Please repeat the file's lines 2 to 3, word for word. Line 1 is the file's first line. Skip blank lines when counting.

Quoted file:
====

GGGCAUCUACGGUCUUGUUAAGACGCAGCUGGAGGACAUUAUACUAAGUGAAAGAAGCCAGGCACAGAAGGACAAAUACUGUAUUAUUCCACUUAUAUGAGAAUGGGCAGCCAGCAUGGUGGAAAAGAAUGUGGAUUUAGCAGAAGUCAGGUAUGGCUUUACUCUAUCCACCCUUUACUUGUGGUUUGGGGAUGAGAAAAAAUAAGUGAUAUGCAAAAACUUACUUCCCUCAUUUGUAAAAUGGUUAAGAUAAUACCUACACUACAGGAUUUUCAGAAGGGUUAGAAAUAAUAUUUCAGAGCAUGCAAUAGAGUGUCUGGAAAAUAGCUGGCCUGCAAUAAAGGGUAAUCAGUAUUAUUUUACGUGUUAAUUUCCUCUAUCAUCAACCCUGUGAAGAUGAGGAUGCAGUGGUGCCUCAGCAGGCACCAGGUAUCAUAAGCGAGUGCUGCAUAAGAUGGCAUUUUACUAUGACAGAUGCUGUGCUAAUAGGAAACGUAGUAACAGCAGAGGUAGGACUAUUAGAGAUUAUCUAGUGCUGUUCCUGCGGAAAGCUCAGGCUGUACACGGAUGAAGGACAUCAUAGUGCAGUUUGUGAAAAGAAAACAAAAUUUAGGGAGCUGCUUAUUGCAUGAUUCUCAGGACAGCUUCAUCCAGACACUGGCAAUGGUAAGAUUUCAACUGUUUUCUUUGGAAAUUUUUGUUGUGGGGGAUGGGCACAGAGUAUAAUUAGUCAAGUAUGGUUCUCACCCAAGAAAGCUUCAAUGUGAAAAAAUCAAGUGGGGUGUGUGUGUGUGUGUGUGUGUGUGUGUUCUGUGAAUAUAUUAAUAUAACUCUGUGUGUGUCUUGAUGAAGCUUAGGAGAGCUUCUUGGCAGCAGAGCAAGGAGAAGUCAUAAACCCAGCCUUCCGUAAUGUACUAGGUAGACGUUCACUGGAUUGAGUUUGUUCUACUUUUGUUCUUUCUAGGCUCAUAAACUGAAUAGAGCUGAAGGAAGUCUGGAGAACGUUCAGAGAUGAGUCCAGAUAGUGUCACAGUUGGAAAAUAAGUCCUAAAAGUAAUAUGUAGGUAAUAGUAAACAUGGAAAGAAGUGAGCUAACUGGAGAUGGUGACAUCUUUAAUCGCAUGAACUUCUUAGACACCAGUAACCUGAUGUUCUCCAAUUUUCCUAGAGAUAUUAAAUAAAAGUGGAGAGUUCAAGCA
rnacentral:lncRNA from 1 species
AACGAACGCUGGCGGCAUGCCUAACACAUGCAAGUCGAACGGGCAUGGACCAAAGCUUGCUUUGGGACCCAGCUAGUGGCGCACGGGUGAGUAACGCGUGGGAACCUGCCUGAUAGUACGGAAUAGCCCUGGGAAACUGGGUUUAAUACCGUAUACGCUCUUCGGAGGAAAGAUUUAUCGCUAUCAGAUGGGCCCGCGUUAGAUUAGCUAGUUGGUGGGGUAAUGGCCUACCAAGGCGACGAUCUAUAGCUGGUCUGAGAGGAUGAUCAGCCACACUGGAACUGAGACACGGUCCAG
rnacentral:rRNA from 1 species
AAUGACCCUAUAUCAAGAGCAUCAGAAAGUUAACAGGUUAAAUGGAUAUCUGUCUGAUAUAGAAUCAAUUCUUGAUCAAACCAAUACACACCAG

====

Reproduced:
rnacentral:lncRNA from 1 species
AACGAACGCUGGCGGCAUGCCUAACACAUGCAAGUCGAACGGGCAUGGACCAAAGCUUGCUUUGGGACCCAGCUAGUGGCGCACGGGUGAGUAACGCGUGGGAACCUGCCUGAUAGUACGGAAUAGCCCUGGGAAACUGGGUUUAAUACCGUAUACGCUCUUCGGAGGAAAGAUUUAUCGCUAUCAGAUGGGCCCGCGUUAGAUUAGCUAGUUGGUGGGGUAAUGGCCUACCAAGGCGACGAUCUAUAGCUGGUCUGAGAGGAUGAUCAGCCACACUGGAACUGAGACACGGUCCAG